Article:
The Hunt For Lanza’s Mental Health Records Becomes Embarrassing For the StatePrint This Post
The Hunt For Lanza’s Mental Health Records Becomes Embarrassing For the State
According to media reports today, Peter Lanza, father of Sandy Hook shooter, Adam Lanza, has had a conversation with the Chairman of the Sandy Hook Advisory Commission, Scott Jackson, regarding Lanza’s willingness to provide the much needed and, frankly, necessary mental health records of his son.
Oddly enough, it appears that Lanza is the only person who truly understands how important this information is and relayed through Jackson that “he (Lanza) believes that retroactive psychoanalysis is fraught with danger.”
In other words, any psychological autopsy done without having all his son’s medical/mental health information is nothing but speculation and certainly not worthy of building recommendations for sweeping changes within Connecticut’s mental health services programs.
The joke is that Lanza gave up these records to the police immediately following the shooting and this is reported in the State Police Report. Not only did the police have the information, so did the FBI and the state’s attorney, Stephen Sedensky.
Additionally, medical/mental health records were taken from Nancy Lanza’s home immediately after the shooting. Clearly, it is no secret that investigators have these records. Why then hasn’t the commission requested the records from the investigative bodies?
It is incomprehensible to think that Jackson is forced to go begging to the father of the shooter for these records when they were in the hands of the investigators almost immediately.
More distressing is that fact that the state’s attorney knows much more than has been released. Recall that as a result of Ablechild’s law suit to obtain Lanza’s mental health/full toxicology records, we were told by the State’s Assistant Attorney General, Patrick B. Kwanashie, that the reason for not releasing Lanza’s medical records was because it “would cause a lot of people to stop taking their medications.”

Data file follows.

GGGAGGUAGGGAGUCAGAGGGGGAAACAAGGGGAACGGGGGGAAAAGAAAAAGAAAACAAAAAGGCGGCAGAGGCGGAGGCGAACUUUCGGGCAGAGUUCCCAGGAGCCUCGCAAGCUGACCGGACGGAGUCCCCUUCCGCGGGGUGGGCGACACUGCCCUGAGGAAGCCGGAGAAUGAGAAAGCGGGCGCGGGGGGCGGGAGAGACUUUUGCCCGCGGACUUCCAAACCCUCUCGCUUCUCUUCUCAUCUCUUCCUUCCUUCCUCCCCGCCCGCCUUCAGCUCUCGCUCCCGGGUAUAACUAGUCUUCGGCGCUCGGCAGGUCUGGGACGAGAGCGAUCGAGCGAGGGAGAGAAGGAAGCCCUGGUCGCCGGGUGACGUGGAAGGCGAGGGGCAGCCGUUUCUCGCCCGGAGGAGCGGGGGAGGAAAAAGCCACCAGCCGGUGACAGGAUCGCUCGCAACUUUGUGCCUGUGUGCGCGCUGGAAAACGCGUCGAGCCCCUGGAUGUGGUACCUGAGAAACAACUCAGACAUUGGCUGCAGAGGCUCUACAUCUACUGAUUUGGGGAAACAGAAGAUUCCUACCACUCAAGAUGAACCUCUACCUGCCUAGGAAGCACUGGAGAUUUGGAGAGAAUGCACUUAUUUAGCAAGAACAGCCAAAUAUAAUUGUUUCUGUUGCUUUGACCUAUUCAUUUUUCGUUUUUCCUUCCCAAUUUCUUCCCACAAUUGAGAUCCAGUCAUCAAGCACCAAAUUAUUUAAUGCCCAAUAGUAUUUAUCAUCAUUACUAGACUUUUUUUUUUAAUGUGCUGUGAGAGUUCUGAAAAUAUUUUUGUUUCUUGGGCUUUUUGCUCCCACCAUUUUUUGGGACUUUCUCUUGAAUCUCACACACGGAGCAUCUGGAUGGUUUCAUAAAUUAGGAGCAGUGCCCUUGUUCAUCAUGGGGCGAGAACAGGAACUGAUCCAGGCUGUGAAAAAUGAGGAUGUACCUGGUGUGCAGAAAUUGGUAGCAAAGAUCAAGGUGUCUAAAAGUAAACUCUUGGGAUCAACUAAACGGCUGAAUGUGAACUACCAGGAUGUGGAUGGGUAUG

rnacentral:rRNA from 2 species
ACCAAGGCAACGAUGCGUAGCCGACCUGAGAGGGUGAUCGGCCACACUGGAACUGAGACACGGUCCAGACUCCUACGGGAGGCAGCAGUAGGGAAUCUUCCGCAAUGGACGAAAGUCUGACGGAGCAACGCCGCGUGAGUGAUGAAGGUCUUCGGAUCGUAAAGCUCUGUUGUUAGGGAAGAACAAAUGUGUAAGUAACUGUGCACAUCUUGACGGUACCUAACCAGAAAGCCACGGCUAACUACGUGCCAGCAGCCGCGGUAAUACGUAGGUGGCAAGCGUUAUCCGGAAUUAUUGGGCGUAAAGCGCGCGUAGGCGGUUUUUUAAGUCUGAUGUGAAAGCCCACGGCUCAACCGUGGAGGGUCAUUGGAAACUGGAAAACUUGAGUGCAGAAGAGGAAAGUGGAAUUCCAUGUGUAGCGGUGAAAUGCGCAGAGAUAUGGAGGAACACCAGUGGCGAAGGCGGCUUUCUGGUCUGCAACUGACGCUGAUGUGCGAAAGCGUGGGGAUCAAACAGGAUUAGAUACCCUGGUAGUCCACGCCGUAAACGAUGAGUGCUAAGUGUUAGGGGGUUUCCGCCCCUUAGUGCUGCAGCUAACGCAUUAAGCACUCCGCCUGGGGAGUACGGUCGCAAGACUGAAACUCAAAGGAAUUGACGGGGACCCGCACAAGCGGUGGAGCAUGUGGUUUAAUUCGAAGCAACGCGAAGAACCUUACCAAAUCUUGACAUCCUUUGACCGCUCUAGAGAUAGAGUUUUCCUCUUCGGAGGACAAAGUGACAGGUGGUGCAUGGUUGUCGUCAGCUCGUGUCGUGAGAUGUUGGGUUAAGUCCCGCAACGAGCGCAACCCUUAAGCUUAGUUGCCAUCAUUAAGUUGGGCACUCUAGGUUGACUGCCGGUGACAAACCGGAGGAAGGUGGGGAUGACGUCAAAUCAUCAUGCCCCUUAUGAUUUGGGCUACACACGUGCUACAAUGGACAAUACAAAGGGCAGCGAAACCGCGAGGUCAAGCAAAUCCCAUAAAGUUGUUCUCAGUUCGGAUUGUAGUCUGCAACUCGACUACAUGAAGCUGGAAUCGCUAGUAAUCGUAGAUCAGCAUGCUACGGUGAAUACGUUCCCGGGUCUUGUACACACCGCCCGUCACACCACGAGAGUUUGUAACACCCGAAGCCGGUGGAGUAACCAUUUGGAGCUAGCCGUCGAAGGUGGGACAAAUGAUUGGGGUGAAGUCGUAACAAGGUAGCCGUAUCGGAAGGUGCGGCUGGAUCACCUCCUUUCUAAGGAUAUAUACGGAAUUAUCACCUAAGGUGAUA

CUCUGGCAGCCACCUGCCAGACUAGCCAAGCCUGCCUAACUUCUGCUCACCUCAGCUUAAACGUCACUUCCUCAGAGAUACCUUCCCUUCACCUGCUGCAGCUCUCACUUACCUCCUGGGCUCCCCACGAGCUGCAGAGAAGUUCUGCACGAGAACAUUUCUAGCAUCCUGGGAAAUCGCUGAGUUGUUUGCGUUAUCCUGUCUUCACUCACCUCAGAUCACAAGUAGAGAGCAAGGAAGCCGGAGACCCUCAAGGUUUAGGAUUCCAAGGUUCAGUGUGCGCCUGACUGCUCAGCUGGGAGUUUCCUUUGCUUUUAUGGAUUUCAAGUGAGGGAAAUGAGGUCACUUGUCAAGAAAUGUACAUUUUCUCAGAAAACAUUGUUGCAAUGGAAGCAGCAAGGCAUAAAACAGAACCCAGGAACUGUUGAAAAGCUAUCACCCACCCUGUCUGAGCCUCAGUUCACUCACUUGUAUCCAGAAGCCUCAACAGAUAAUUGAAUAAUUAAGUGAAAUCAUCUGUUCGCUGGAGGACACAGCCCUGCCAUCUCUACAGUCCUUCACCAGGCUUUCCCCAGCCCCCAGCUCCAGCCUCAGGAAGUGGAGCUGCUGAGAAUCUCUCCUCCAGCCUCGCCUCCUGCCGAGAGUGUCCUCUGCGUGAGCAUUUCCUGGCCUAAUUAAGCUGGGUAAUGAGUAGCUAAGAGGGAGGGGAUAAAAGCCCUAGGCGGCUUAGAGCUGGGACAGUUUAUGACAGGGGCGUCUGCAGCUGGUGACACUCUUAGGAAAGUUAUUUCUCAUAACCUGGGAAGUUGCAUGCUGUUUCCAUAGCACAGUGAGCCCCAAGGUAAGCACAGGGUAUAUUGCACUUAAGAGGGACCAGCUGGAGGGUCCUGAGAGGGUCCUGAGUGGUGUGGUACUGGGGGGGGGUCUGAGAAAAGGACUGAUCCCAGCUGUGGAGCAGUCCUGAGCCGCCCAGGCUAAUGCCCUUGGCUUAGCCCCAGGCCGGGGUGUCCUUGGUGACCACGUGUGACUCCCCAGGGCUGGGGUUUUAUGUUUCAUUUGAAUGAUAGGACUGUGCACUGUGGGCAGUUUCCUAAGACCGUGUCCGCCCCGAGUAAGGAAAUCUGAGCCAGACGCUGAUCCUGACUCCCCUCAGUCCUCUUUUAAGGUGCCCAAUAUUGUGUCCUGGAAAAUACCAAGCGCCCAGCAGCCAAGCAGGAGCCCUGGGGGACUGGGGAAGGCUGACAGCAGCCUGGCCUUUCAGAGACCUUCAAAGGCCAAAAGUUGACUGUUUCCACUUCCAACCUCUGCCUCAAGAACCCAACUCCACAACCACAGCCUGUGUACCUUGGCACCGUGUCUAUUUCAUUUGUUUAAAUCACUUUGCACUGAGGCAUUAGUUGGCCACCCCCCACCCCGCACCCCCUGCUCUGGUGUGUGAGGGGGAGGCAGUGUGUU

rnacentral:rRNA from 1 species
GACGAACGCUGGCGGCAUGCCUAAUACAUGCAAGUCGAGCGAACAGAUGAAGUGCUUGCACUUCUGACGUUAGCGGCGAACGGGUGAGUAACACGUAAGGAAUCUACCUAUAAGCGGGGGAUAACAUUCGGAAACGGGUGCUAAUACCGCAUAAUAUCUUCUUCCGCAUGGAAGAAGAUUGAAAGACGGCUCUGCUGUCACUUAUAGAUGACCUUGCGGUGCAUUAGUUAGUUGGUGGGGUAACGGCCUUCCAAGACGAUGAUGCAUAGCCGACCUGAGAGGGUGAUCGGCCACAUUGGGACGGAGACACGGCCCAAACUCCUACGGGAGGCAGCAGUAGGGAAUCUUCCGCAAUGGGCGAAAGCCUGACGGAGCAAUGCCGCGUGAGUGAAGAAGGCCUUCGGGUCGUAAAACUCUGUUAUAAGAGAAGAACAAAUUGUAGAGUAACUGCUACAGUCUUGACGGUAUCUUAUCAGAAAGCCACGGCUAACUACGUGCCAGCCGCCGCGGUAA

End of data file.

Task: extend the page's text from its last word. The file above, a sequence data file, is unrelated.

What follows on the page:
Where did Kwanashie get that information? What medications would people “stop taking” if Lanza’s records were made public? And, in fact, is it because of the medications that Lanza had been prescribed that there appears to be an effort to suppress this information?
Furthermore, recall that the state Office of the Child Advocate was tasked with investigating the deaths at Sandy Hook and requested “any and all records, and all communications Newtown School personnel and any and all entities.” After having issued a subpoena to obtain those records, there is no follow-up as to whether the Office of the Child Advocate ever got them. But, it is one more avenue that the commission may take advantage of.
What is certain is that at least the last five years of Lanza’s mental health records are unaccounted for and they are absolutely necessary if the commission is to make any recommendations about the State’s mental health care system.
What also is certain is that the “hunt” for Adam Lanza’s mental health records is becoming embarrassing. Ablechild would suggest that the commission talk to the investigative bodies, Dr. Robert King of the Yale Child Study Center, Dr. Paul Fox, the Office of the Child Advocate, and the Assistant Attorney General, Patrick Kwanashie. The records exist. Finding out why they are being treated as a “State Secret” is another matter.
Adam Lanza Medical Records, CT Freedom of Information Commission, Psychiatric Drugs, Sandy Hook Commission